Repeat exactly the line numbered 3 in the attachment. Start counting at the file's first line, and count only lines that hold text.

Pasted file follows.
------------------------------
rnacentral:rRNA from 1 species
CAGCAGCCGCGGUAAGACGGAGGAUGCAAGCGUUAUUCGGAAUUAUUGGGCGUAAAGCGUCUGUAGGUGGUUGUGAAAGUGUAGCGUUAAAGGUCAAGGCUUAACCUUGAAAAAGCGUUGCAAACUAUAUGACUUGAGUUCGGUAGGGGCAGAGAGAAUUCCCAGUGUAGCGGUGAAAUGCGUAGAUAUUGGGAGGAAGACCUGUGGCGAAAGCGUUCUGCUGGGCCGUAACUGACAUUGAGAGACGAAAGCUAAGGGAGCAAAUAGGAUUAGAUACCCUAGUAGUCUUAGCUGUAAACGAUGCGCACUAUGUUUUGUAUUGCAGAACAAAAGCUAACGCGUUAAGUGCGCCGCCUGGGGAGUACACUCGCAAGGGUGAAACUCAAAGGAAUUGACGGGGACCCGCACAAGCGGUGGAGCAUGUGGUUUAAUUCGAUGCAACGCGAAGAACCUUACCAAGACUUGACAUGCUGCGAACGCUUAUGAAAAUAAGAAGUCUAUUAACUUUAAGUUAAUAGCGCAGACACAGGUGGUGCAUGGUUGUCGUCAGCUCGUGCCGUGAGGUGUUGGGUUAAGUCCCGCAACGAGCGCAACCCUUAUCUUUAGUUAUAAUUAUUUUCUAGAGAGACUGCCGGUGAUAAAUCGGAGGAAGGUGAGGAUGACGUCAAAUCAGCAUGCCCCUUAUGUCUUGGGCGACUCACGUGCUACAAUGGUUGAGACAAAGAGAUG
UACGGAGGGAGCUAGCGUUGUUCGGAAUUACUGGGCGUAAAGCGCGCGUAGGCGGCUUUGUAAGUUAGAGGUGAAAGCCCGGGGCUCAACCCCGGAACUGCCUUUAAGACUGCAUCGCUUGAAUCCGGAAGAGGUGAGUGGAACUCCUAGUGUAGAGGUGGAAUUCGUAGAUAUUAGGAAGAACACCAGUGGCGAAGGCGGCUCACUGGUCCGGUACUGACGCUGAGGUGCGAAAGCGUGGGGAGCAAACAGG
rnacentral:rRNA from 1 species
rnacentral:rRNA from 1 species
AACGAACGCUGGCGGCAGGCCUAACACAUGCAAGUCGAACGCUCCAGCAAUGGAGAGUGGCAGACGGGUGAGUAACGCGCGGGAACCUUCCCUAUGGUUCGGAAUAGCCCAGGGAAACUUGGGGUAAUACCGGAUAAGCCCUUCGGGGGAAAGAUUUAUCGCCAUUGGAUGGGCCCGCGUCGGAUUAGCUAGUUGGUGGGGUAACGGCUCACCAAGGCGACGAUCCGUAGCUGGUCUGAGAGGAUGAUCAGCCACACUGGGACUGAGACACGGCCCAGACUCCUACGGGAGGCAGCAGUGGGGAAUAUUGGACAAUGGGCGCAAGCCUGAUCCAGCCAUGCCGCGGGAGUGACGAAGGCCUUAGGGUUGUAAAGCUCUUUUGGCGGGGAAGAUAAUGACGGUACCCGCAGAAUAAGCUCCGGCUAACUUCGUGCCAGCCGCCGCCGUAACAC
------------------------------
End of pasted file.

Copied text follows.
UACGGAGGGAGCUAGCGUUGUUCGGAAUUACUGGGCGUAAAGCGCGCGUAGGCGGCUUUGUAAGUUAGAGGUGAAAGCCCGGGGCUCAACCCCGGAACUGCCUUUAAGACUGCAUCGCUUGAAUCCGGAAGAGGUGAGUGGAACUCCUAGUGUAGAGGUGGAAUUCGUAGAUAUUAGGAAGAACACCAGUGGCGAAGGCGGCUCACUGGUCCGGUACUGACGCUGAGGUGCGAAAGCGUGGGGAGCAAACAGG